What is this?

I intend to use this space to talk about my feelings on religion, spirituality, etc.  I was raised in a non-religious, non-spiritual home, but have always considered myself a rather spiritual person.  I started attending a Unitarian Universalist church in college, but switched to attending a Quaker Meeting (on a very, very irregular basis) by the end of my studies.  Though I have not attended a meeting on a regular basis, due to my moving around so much, it has very much resonated with me.  I am overseas right now, and upon my return to the US, I intend to further explore this aspect of my life more directly, but for now, I’d just like to use this space as somewhat of a “brain dump” on the subject of me and spirituality, etc.

Oh, and the title of the blog is from a joke that a friend of mine made once, that the bumpersticker for Quakers should be:  “Quakerism:  Shut Up and Listen”.   Given my propensity to talk my head off, I often have to tell myself this, and so I found it funny and appropriate.

2 Responses to “What is this?”

  1. 1 methodistchick August 7, 2008 at 11:22 am

    Hi, I just finished a little research on Quaker Meetings and was searching for Quaker-related topics here. I think it is wonderful that you are pursuing a life that includes active Christianity. No matter where you end up attending, I believe the Holy Spirit will be in you if you open yourself to God. But, remember, you need to join others in worship. It’s okay to say you are “spiritual” but taking action and worshiping with others is an entirely wonderful separate religious experience that is much better than mere spirituality.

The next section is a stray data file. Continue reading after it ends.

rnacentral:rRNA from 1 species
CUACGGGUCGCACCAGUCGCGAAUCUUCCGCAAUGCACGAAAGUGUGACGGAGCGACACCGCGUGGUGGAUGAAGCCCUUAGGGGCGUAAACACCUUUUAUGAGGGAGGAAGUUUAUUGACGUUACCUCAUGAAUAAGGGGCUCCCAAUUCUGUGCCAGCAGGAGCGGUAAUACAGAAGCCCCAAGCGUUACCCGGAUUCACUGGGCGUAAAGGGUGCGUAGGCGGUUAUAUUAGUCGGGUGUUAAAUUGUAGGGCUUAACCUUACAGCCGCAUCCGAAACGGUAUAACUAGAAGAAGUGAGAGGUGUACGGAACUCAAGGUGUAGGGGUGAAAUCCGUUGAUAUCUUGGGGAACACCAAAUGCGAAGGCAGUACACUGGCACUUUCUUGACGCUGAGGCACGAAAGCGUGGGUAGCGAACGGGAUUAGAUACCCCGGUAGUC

2. 2 Driftingfocus August 7, 2008 at 11:29 am

    See, I’m not sure if I agree with you there. For one, while most do, not all Quakers identify as Christian. I don’t, necessarily. I do believe that there’s something more, in a “higher power”, if you will, but I would hesitate to say that I believe in God in the Christian sense.

    Similarly, I would say that you don’t need to join others to worship. In fact, one of the things which has always appealed most to me about Quakerism is the fact that it is an ideal philosophy for solitary reflection. In Meeting, you don’t talk to eachother. You may speak if you feel inclined, but you are not speaking to anyone in particular, and direct response is discouraged. Personal reflection and “expectant waiting” is the key element of Meeting, and is something which I have always felt was quite solitary in nature.

    I also feel inclined to ask – what is wrong with “mere” spirituality?

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August 2008

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